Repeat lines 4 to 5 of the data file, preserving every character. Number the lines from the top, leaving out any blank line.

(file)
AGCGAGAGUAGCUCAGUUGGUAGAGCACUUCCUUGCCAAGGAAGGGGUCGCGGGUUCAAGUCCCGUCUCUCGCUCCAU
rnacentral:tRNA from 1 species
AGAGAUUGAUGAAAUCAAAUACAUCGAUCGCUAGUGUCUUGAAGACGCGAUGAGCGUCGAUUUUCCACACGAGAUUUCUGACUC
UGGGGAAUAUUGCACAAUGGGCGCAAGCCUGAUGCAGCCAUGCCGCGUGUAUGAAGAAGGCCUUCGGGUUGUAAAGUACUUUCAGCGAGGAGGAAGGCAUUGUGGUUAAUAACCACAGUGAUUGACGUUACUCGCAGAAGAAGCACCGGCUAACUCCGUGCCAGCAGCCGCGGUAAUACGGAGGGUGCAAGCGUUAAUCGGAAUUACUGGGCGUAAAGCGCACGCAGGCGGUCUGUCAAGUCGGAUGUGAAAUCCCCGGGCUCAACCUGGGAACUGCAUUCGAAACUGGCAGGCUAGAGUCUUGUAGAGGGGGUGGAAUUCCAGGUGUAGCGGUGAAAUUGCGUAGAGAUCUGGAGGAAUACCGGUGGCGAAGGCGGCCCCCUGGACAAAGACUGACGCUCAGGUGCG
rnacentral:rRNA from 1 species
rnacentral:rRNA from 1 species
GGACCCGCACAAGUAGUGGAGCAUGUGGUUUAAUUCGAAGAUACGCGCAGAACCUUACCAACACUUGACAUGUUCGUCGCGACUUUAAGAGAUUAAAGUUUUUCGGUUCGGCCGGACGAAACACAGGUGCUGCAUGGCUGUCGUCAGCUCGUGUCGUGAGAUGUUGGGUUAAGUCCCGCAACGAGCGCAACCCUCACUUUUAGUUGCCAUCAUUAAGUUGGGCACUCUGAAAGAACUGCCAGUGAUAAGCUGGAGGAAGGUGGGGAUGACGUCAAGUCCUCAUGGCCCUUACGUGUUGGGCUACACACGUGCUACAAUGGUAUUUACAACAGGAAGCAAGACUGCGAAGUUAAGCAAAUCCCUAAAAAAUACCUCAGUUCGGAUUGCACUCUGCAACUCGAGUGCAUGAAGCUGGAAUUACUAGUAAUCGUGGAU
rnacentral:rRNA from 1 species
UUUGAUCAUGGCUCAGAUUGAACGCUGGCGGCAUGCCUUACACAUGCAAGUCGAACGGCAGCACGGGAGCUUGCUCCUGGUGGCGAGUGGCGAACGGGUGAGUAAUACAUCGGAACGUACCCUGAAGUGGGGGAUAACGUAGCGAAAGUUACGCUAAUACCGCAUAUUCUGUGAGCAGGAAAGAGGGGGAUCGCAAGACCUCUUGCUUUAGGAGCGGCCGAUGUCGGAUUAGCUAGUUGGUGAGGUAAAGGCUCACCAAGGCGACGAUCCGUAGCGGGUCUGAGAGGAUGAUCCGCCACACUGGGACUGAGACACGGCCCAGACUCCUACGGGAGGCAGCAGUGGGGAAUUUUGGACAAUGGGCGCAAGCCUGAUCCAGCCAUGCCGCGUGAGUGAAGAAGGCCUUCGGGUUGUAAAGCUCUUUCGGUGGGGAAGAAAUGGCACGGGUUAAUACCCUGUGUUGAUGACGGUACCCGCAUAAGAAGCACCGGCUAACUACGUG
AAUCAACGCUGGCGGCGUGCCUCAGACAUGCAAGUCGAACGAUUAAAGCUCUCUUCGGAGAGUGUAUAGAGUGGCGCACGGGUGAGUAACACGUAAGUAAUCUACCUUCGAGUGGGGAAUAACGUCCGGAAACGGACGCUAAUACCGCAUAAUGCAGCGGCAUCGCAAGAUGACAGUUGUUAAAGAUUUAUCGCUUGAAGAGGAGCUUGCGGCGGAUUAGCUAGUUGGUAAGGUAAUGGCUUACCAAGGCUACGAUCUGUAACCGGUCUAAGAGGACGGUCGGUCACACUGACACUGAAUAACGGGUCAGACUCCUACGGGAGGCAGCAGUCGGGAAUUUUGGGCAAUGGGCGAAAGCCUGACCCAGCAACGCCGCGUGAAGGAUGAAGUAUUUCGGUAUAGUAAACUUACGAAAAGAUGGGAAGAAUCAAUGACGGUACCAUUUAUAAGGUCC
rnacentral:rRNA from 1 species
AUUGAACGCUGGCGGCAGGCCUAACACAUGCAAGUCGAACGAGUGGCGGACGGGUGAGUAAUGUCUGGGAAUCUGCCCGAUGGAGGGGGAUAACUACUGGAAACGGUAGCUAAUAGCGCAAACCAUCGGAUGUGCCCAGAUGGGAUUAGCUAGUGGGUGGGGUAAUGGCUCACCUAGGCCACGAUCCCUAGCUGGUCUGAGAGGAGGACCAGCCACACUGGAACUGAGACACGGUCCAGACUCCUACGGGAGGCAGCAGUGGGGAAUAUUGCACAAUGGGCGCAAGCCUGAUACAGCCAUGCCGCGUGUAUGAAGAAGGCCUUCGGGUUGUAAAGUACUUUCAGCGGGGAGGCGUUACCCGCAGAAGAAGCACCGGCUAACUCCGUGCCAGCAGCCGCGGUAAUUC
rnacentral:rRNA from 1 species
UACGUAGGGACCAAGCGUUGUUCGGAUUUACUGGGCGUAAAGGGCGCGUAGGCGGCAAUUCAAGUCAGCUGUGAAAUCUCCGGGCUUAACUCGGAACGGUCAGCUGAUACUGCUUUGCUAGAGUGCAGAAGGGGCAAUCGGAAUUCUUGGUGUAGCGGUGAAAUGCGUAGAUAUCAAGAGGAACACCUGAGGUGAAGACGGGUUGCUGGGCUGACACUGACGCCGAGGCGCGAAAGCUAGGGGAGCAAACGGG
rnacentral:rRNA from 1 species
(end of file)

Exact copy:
UGGGGAAUAUUGCACAAUGGGCGCAAGCCUGAUGCAGCCAUGCCGCGUGUAUGAAGAAGGCCUUCGGGUUGUAAAGUACUUUCAGCGAGGAGGAAGGCAUUGUGGUUAAUAACCACAGUGAUUGACGUUACUCGCAGAAGAAGCACCGGCUAACUCCGUGCCAGCAGCCGCGGUAAUACGGAGGGUGCAAGCGUUAAUCGGAAUUACUGGGCGUAAAGCGCACGCAGGCGGUCUGUCAAGUCGGAUGUGAAAUCCCCGGGCUCAACCUGGGAACUGCAUUCGAAACUGGCAGGCUAGAGUCUUGUAGAGGGGGUGGAAUUCCAGGUGUAGCGGUGAAAUUGCGUAGAGAUCUGGAGGAAUACCGGUGGCGAAGGCGGCCCCCUGGACAAAGACUGACGCUCAGGUGCG
rnacentral:rRNA from 1 species